Offline Rocket Nut

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RE: Columbia STS-1
« Reply #9 on: 12/18/2005 12:44 PM »
Quote
Ben E - 18/12/2005  8:28 AM

Yes, the LES suits were used until mid-1995. Since then, all Shuttle crews have worn ACES suits. The first 'test' use of ACES was by the STS-68 crew in September 1994.

Still not sure about why the colour differences were there, but certainly the OFT suit, the LES suit and the ACES suit are all built by the same manufacturer, the David Clark Company.

When the David Clark Company was designing our new suits for the RB-57F (in the mid-60s), we were told that the greenish brown color was the "natural" color of the nomex outer layer of that suit.  The previous suits that we wore were orange and I preferred them to the newer suits for many reasons...one of those reasons was visibility in the arctic where we flew frequently.  Of course, if we ever went down in the arctic, the suit wouldn't have offered much warmth...they were just a rubber balloon encased in a few layers of fabric.

Offline UK Shuttle Clan

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RE: Columbia STS-1
« Reply #10 on: 12/18/2005 01:24 PM »
How did the ejection seats work? I'm not sure how they'd of gotten out of the orbiter?

Offline carmelo

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RE: Columbia STS-1
« Reply #11 on: 12/18/2005 01:56 PM »
Yes but why Brown suit for STS-1/STS-4 flights?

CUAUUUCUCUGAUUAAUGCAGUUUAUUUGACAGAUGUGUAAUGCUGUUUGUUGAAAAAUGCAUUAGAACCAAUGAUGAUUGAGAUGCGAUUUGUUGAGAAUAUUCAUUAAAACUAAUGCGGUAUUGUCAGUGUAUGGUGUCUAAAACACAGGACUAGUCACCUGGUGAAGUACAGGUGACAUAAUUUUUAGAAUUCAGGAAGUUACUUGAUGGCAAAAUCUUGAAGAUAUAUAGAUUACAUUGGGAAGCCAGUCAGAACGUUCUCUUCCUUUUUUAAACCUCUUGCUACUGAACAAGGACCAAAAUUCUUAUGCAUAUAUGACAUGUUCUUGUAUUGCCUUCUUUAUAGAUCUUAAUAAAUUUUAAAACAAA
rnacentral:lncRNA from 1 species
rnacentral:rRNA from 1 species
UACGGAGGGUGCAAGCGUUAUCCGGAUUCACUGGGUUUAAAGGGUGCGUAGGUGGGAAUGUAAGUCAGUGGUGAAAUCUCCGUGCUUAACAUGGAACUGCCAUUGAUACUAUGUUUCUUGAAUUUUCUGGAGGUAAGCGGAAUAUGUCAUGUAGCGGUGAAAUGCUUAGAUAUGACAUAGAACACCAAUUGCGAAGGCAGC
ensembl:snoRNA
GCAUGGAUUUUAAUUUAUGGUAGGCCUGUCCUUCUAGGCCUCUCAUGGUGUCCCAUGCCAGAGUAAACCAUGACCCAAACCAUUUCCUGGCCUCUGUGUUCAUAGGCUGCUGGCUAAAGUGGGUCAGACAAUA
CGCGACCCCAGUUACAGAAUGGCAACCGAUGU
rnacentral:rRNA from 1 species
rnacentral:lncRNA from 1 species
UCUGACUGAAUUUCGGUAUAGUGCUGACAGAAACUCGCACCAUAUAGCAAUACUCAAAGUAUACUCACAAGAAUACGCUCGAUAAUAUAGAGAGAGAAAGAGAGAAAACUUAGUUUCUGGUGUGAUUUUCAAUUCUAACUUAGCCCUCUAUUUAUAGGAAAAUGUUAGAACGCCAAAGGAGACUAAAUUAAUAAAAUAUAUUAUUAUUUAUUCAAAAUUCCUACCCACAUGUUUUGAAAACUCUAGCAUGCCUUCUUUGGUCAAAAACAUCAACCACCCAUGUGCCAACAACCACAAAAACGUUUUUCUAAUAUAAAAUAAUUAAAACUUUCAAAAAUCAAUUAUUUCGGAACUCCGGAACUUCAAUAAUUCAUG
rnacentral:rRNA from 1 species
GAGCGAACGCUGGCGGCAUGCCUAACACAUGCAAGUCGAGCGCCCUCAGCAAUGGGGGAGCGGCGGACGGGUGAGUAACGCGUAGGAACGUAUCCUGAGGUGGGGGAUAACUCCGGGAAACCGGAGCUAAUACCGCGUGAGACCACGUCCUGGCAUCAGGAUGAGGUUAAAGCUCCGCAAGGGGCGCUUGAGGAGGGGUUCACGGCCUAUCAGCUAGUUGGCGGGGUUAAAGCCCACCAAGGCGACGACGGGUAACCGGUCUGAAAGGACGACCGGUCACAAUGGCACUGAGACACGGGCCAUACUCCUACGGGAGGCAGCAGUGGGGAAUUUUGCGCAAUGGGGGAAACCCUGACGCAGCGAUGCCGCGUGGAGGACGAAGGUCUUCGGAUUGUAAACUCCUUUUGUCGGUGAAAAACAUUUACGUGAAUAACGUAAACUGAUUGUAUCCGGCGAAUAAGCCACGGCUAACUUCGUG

Offline Ben E

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RE: Columbia STS-1
« Reply #12 on: 12/18/2005 03:40 PM »
The ejection seats would have fired the Commander and Pilot through two overhead hatches in the forward section of the flight deck, although there were only a certain number of situations in which an ejection would have been survivable. John Young once joked that the seats' parachutes would open "about fifty feet after we hit the ground".

They were eventually deactivated in the wake of STS-4 and removed following STS-9. Vance Brand, apparently, refused to have them active during his STS-5 flight because there would be no way for the two Mission Specialists to escape.


Online Chris Bergin

RE: Columbia STS-1
« Reply #13 on: 12/18/2005 11:26 PM »
Quote
carmelo - 18/12/2005  8:56 AM

Yes but why Brown suit for STS-1/STS-4 flights?

This is the current best answer to your colour question.

Quote
Ben E - 18/12/2005  7:28 AM

Still not sure about why the colour differences were there, but certainly the OFT suit, the LES suit and the ACES suit are all built by the same manufacturer, the David Clark Company.

If someone has other information, they'll post it - you don't need to ask the question three times (one of them deleted).

Offline carmelo

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RE: Columbia STS-1
« Reply #14 on: 12/19/2005 01:43 AM »
Thanks.the enigna remain.

Offline Ben E

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RE: Columbia STS-1
« Reply #15 on: 12/19/2005 06:13 AM »
Sorry, I'm not being difficult about suit colours, I just don't know.

I'll try to do some digging and get back to you.

Offline British NASA

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RE: Columbia STS-1